To mark World Peace Day, International Alert, a London-based non-government agency which specialises in peace building, is this week publishing Redressing the Balance, a report contrasting the trivial amounts spent on reconciliation and the avoidance of war with the enormous and ever growing global military expenditure.  Using data from the Institute for Economics and Peace, the report’s author, Phil Vernon, argues that money spent on avoiding and mitigating the consequences of conflict is not only morally right, but cost-effective – "every dollar invested in peace building reduces the cost of conflict".

According to Vernon, "the international community has a tendency to focus on peacemaking and peacekeeping at the expense of long term peace building."  There are currently 100,000 soldiers, police and other observers serving 16 UN operations on four continents. He says what’s needed instead of just peace keeping is a much greater sustained investment, involving individuals and agencies at all levels, to address the causes of violence and to give all parties a stake in the future. Above all, although funding and expertise can come from outside, constructing a durable peace will only work if there is local ownership of the process.

The picture is not wholly depressing. Even in the direst conflicts there are examples where the international community has help to fund and train local agencies with the result that local disputes can often be settled without escalating into full blown conflicts. In countries as diverse as East Timor, Sierra Leone, Rwanda and Nepal long term commitment by the international community working with local people has helped build durable institutions in the wake of vicious civil wars. Nearer to home, there has long been recognition that peace in Ireland can only be sustained by addressing long-standing grievances, building resilient institutions and ensuring that all communities have a stake in the outcome.

At a micro level, too, there is evidence that funding and training local agencies can contribute to longer term stability. In the eastern Congo, for example, various non-government organisations have worked with local leaders, men and women from different ethnic groups to settle disputes over land ownership which have helped fuel 40 years of mayhem. In the Central African Republic training and support to local Muslim and Christian leaders has helped reduce tensions. In north east Nigeria several agencies are helping to reintegrate the hundreds of traumatised girls and young women who have escaped the clutches of Boko Haram only to find themselves rejected by their communities.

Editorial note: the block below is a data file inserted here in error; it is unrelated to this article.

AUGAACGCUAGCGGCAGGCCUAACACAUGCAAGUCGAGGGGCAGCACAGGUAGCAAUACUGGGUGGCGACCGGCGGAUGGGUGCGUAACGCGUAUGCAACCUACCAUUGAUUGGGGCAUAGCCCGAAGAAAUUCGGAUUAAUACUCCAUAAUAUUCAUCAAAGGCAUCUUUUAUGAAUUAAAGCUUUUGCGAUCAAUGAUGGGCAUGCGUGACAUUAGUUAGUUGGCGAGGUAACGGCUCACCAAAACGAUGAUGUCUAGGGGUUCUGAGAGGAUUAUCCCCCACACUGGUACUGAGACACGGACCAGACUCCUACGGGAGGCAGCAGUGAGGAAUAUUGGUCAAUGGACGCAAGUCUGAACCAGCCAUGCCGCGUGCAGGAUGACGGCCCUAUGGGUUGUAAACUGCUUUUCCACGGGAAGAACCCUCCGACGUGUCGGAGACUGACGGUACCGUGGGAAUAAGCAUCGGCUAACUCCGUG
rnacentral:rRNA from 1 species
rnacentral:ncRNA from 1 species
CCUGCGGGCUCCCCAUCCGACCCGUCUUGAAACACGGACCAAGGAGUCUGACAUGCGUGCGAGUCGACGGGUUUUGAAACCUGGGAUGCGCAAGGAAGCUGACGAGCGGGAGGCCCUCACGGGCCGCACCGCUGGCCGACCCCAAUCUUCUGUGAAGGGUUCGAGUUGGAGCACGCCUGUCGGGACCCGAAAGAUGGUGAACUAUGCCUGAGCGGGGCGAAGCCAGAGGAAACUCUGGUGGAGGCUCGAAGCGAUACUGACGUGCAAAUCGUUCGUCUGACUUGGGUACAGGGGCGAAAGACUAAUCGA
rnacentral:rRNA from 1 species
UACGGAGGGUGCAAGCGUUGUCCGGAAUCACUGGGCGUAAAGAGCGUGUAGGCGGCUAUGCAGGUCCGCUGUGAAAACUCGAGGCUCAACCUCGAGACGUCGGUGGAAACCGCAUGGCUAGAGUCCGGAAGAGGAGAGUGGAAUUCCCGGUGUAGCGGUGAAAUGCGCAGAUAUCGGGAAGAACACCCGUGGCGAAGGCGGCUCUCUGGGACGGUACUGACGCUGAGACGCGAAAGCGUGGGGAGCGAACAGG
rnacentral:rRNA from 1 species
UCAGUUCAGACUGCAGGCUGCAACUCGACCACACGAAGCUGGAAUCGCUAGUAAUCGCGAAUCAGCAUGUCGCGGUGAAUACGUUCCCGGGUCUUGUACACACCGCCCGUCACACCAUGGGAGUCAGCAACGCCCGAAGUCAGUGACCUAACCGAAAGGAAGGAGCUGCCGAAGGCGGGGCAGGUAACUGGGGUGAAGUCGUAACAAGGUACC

Peace building, says Vernon, is the poor cousin of other approaches to conflict resolution. In future, he concludes, it must become a core component of future international interventions. "This means a major re-think by donor governments and multilateral organisations of how they measure success… with a greater focus placed on anticipation, prevention and the long term." Or, to quote the young Pakistani winner of the Nobel Peace Prize, Malala Yousufzai: "If you want to avoid war, then instead of sending guns, send books. Instead of tanks, send pens. Instead of soldiers, send teachers."

Redressing the Balance by Phil Vernon is published on September 21.   Chris Mullin is the chairman of International Alert.